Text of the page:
PTC Slams Networks for Challenging Indecency Laws
LOS ANGELES (August 1, 2008) – The Parents Television Council™ condemned the television broadcast networks for attacking not only the Federal Communications Commission’s (FCC) recent enforcement of the broadcast indecency laws, but for trying to halt indecency enforcement altogether. Today, ABC, CBS and NBC filed briefs with the U.S. Supreme Court to defend Fox’s claim that airing the “F-word” and “S-word” during two Fox awards show broadcasts was not indecent. ABC, CBS and NBC went so far as to criticize the Supreme Court’s Pacifica and Red Lion rulings and claim that broadcasters should not be bound by any type of indecency law.
“At long last the TV networks show their true colors. They don’t want ‘guidance’ on what is or is not a legally indecent broadcast; they want the law overturned entirely,” said PTC President Tim Winter.
“In spite of their Congressional testimonies promising to abide by the indecency laws; in spite of their pledges of zero-tolerance policies following the 2004 Super Bowl broadcast; in spite of signing consent decrees promising to adhere to the law; in spite of their legal briefs claiming that they would follow the indecency law if only they had better clarity from the FCC - now comes the truth: They don’t want to abide by the law at all.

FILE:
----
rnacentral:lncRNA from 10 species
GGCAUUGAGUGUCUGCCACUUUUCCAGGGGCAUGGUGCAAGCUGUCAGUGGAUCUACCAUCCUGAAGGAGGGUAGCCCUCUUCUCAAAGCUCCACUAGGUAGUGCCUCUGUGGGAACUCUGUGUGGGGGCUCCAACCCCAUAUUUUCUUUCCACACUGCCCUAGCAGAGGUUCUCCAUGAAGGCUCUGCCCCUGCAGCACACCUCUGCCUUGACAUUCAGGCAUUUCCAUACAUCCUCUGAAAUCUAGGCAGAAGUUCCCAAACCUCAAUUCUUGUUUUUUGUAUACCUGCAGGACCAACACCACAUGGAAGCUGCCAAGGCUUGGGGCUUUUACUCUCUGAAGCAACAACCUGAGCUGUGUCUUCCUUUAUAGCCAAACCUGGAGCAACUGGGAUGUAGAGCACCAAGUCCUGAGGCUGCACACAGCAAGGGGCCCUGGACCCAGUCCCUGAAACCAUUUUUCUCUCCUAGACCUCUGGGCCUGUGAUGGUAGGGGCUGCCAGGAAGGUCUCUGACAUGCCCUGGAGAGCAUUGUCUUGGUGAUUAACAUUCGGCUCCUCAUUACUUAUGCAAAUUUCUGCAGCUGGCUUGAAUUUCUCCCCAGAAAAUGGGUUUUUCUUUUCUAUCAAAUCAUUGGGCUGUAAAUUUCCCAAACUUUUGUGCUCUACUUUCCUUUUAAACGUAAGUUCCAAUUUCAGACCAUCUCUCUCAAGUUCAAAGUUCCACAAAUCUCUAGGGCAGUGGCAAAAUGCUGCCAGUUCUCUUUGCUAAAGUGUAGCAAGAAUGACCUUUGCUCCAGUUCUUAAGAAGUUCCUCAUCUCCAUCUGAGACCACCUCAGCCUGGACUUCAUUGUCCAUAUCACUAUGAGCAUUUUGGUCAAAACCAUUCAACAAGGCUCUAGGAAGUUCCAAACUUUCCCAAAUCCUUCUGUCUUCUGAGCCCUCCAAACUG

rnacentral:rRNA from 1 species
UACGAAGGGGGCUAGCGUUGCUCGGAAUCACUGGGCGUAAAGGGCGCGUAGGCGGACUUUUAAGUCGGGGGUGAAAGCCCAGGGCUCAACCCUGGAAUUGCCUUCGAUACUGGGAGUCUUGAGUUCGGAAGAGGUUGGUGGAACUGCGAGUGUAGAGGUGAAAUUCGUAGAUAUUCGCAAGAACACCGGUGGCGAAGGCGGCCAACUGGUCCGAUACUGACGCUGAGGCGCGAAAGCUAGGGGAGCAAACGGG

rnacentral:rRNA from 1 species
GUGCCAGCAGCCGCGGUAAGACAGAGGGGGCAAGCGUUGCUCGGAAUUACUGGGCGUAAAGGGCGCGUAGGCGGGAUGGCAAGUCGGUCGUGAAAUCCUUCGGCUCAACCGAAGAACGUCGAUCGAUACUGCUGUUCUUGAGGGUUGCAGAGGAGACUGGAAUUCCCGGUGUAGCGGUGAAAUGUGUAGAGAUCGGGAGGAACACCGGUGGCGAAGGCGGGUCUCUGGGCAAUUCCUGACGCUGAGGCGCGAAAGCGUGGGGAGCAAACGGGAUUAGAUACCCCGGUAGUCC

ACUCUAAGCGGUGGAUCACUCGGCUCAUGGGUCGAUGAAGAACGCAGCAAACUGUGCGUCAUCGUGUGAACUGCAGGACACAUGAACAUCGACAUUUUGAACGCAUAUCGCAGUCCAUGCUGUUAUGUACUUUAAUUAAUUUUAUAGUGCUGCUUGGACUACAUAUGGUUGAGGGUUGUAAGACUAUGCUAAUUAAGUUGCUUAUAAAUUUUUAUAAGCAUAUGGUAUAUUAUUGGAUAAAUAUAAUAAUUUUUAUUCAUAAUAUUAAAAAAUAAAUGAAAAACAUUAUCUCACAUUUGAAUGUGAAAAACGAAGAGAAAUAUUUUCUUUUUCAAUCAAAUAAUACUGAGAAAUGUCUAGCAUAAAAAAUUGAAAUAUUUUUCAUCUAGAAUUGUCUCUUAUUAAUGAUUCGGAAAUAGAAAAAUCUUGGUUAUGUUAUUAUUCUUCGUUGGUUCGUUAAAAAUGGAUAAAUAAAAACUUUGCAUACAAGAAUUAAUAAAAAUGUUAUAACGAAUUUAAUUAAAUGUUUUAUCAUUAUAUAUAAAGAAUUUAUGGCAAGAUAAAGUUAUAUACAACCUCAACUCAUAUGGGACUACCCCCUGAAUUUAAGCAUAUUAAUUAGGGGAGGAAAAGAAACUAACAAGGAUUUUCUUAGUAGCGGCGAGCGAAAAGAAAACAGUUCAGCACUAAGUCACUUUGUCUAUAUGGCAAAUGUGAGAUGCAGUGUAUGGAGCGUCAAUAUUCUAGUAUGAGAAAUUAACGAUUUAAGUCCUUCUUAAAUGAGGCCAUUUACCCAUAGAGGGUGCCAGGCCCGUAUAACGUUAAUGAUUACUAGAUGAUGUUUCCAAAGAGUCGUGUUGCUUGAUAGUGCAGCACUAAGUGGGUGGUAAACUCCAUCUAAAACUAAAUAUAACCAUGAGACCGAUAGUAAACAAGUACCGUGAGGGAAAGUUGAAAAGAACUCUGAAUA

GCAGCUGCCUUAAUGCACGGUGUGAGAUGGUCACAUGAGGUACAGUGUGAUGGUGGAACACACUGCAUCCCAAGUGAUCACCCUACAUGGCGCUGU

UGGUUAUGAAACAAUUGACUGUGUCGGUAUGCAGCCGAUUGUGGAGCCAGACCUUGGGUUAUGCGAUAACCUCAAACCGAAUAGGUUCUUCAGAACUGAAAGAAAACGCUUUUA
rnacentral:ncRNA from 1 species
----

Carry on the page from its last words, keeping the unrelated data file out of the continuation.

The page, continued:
“Despite what ABC, CBS, and NBC argued in their brief, there is no question that the broadcast medium remains uniquely pervasive. Look no further than the quarterly earnings reports that the publicly-traded networks have been releasing in the past few weeks. While they are telling the Supreme Court that the public airwaves are no longer uniquely pervasive, they are using the airwaves for free and generating billions of dollars in revenue each and every month by using them. If the networks no longer find the public airwaves to be uniquely pervasive, then they should relinquish their broadcast licenses and allow the spectrum to be resold in the public interest.
“The public airwaves belong to all of the American people, and that includes those who have families and children and those who do not. The commonsense balance of allowing indecent content on the public airwaves after 10 pm provides a remedy for both.
“We also condemn the networks’ cowardly move to announce their true motivation on the very same afternoon that the Congress adjourns for the August recess. As our elected officials head home to work on reelection campaigns, they should look their constituents squarely in the eye and affirm that the airwaves still belong to the public - the American people - and not to the broadcasters who license them.
“We applaud the FCC for its commitment to uphold and enforce the law. We urge the Supreme Court to see through the smokescreen that the networks are wrapping in the flag and implore Congress to listen to families’ voices rather than the broadcasters’ wallets. We also urge those very families to demand that the Congress act swiftly to protect the FCC’s authority that has recently come under attack by the broadcast networks by voting on Senator Jay Rockefeller’s pending legislation,” concluded Winter.